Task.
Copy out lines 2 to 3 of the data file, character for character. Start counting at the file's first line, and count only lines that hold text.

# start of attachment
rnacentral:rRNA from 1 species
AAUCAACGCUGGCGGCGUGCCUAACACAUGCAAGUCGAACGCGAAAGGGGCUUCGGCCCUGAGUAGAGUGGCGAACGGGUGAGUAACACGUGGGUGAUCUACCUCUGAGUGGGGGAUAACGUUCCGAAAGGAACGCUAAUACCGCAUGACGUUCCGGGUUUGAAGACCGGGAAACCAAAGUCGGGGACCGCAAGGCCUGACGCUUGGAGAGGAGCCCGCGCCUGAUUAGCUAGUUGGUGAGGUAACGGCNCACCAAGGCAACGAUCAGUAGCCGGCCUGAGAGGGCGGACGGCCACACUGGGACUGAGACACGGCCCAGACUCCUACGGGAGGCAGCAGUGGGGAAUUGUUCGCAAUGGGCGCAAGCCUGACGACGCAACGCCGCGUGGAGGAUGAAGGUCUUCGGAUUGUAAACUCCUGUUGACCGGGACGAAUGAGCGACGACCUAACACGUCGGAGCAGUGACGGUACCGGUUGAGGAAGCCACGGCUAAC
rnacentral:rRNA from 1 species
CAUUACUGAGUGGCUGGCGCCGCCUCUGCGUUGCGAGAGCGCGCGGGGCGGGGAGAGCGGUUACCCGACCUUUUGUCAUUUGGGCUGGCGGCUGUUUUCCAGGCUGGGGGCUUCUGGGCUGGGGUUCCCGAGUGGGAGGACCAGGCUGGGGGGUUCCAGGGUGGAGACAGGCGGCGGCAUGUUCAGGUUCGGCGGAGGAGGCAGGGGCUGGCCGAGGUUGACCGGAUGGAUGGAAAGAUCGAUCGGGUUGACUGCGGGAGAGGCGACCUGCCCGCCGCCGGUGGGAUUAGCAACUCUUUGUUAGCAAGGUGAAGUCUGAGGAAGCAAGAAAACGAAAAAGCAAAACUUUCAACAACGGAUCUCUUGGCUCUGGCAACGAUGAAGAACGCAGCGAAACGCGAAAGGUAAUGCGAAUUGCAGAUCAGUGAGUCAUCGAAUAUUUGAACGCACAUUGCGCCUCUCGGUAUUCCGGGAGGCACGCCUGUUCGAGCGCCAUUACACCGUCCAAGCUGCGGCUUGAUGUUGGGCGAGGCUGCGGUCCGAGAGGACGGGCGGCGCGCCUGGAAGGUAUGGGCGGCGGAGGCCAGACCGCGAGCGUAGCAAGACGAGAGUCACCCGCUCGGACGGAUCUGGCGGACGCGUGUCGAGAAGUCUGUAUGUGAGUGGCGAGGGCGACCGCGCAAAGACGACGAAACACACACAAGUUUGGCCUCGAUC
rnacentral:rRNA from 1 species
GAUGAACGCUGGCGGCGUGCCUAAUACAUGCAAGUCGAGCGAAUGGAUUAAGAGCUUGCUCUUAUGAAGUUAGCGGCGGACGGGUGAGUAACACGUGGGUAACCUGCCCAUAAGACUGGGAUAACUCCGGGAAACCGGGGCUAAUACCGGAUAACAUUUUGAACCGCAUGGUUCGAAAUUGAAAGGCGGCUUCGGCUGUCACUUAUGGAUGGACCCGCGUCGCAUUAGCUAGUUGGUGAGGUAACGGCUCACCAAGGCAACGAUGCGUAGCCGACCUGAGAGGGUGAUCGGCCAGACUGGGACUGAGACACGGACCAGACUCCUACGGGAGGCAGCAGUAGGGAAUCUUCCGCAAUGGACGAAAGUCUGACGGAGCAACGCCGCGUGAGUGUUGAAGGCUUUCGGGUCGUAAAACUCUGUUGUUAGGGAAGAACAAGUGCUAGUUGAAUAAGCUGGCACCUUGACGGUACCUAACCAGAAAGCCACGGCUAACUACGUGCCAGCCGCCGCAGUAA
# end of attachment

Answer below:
AAUCAACGCUGGCGGCGUGCCUAACACAUGCAAGUCGAACGCGAAAGGGGCUUCGGCCCUGAGUAGAGUGGCGAACGGGUGAGUAACACGUGGGUGAUCUACCUCUGAGUGGGGGAUAACGUUCCGAAAGGAACGCUAAUACCGCAUGACGUUCCGGGUUUGAAGACCGGGAAACCAAAGUCGGGGACCGCAAGGCCUGACGCUUGGAGAGGAGCCCGCGCCUGAUUAGCUAGUUGGUGAGGUAACGGCNCACCAAGGCAACGAUCAGUAGCCGGCCUGAGAGGGCGGACGGCCACACUGGGACUGAGACACGGCCCAGACUCCUACGGGAGGCAGCAGUGGGGAAUUGUUCGCAAUGGGCGCAAGCCUGACGACGCAACGCCGCGUGGAGGAUGAAGGUCUUCGGAUUGUAAACUCCUGUUGACCGGGACGAAUGAGCGACGACCUAACACGUCGGAGCAGUGACGGUACCGGUUGAGGAAGCCACGGCUAAC
rnacentral:rRNA from 1 species